The UK's digital minister Ed Vaizey has floated the idea of adding kitemarks to websites that have strong security measures in place, following the attack on TalkTalk's business last week.
Speaking in Parliament on Monday in response to an urgent question on data breaches and consumer protection, following the ransack of TalkTalk's sensitive customer details, Vaizey said:
In many cases, businesses set out extremely detailed terms and conditions, but the idea that they are consumer-friendly is wide of the mark.
If I can take, as it were, the spirit of her question [Labour MP, Gisela Stuart], some kind of kitemark to denote companies that have robust cyber-security procedures in place would be something worth exploring.
Vaizey, a politico who is big on self-regulation, seemed to be suggesting that such a badge would allow customers to think that the website they are using poses no or little security risk.
But offering Brits such a false sense of security, as the fallout from the TalkTalk attack continues, is at best naive and at worst a total failure to adequately jump to the defence of consumers – the real victims in this whole mess.
'Misinformation' on government views on encryption? Fancy that!
During the debate, Vaizey also responded to questions about encryption, after he was asked if companies should use such technical safeguards to help secure customer data.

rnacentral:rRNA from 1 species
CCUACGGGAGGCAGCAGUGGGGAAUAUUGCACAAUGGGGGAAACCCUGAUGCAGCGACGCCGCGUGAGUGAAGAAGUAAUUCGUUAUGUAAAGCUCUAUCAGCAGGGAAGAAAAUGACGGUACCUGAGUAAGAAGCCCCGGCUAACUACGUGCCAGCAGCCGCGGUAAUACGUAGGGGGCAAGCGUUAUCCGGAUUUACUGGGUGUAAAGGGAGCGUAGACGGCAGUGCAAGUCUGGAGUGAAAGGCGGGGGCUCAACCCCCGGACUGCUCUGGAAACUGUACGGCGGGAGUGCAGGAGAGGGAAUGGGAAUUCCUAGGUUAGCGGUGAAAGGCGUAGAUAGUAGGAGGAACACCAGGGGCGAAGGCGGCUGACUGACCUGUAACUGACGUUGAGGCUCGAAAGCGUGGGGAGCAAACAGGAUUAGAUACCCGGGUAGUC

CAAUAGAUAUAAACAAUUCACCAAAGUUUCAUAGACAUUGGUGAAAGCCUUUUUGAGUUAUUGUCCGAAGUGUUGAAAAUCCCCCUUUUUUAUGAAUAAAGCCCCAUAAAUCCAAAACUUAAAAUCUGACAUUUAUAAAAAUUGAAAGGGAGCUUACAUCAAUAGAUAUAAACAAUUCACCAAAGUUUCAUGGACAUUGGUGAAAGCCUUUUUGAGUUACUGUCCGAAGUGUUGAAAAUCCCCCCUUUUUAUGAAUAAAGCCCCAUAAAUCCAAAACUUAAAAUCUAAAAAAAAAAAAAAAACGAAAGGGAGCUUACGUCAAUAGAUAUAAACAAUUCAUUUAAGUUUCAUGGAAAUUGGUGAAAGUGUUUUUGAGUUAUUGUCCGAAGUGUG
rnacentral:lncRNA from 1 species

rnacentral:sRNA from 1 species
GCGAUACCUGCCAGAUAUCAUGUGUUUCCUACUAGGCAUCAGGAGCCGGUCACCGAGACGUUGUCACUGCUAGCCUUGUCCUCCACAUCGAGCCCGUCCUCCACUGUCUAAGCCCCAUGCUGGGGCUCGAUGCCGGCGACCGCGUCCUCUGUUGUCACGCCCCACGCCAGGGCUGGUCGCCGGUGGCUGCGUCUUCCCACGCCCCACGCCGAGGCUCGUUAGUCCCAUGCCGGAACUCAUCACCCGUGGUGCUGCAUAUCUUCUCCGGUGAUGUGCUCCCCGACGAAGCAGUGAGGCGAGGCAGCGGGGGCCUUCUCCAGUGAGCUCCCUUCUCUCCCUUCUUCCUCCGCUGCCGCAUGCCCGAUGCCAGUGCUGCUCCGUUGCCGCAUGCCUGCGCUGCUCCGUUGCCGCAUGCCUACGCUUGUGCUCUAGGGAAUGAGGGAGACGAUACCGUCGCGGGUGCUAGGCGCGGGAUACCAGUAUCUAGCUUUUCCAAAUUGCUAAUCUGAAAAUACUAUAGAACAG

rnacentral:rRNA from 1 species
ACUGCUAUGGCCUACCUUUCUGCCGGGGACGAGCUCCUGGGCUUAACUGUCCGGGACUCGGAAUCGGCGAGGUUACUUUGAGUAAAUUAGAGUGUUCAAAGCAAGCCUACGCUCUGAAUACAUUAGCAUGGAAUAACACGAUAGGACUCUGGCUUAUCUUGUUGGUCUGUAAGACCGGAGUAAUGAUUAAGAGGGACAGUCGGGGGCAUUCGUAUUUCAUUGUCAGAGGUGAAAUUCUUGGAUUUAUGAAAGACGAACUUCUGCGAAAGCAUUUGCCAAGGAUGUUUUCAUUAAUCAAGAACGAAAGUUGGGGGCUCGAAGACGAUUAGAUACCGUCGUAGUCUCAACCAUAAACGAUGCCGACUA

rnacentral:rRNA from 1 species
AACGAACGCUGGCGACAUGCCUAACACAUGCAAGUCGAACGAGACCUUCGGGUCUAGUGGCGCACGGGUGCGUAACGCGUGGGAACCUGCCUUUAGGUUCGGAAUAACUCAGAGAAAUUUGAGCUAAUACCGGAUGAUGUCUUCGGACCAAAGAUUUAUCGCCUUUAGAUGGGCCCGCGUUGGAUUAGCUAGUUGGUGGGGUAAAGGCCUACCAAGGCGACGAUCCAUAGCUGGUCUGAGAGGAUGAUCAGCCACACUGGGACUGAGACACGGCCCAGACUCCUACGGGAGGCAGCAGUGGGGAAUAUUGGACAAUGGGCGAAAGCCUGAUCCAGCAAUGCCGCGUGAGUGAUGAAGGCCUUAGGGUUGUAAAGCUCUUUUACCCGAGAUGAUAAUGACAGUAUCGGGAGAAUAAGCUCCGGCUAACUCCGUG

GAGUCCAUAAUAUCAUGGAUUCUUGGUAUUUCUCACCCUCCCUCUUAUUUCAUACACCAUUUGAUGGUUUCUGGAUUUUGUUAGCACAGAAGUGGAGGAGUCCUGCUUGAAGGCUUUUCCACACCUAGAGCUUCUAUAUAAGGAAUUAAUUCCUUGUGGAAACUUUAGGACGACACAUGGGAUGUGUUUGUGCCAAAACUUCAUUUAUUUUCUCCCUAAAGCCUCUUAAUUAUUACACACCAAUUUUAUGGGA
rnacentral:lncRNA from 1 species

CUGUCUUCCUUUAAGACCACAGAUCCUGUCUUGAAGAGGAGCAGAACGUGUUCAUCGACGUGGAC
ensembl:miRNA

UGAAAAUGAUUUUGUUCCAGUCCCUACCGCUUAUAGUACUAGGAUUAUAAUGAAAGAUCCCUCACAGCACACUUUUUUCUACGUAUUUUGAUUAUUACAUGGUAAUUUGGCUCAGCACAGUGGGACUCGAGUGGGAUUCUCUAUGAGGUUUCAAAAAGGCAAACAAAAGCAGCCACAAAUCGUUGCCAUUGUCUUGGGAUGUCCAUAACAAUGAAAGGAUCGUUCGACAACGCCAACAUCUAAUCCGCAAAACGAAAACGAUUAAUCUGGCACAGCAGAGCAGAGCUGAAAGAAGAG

"It has to be said that companies should encrypt their information. There has been some misinformation that the government are somehow against encryption," the minister said, without elaborating further.
Over the weekend, TalkTalk boss Dido Harding stated that her company was under no legal obligation to encrypt customer data, much to the chagrin of the budget telco's customers.
The Information Commissioner's Office told The Register on Monday that current UK data protection law spelled out clear rules to companies handling customer info.
“All organisations must have appropriate security measures in place to prevent the personal data they hold being accidentally or deliberately compromised. Any measures put in place should prevent security breaches or limit the damage if they do occur," we were told by the data watchdog.
The ICO added: “As one single product cannot guarantee security, we would advise a combination of different tools and techniques. Encryption is just one way of doing this.” ®
The Register has created a timeline of TalkTalk's contradictory comments following on from the initial announcement of a website outage.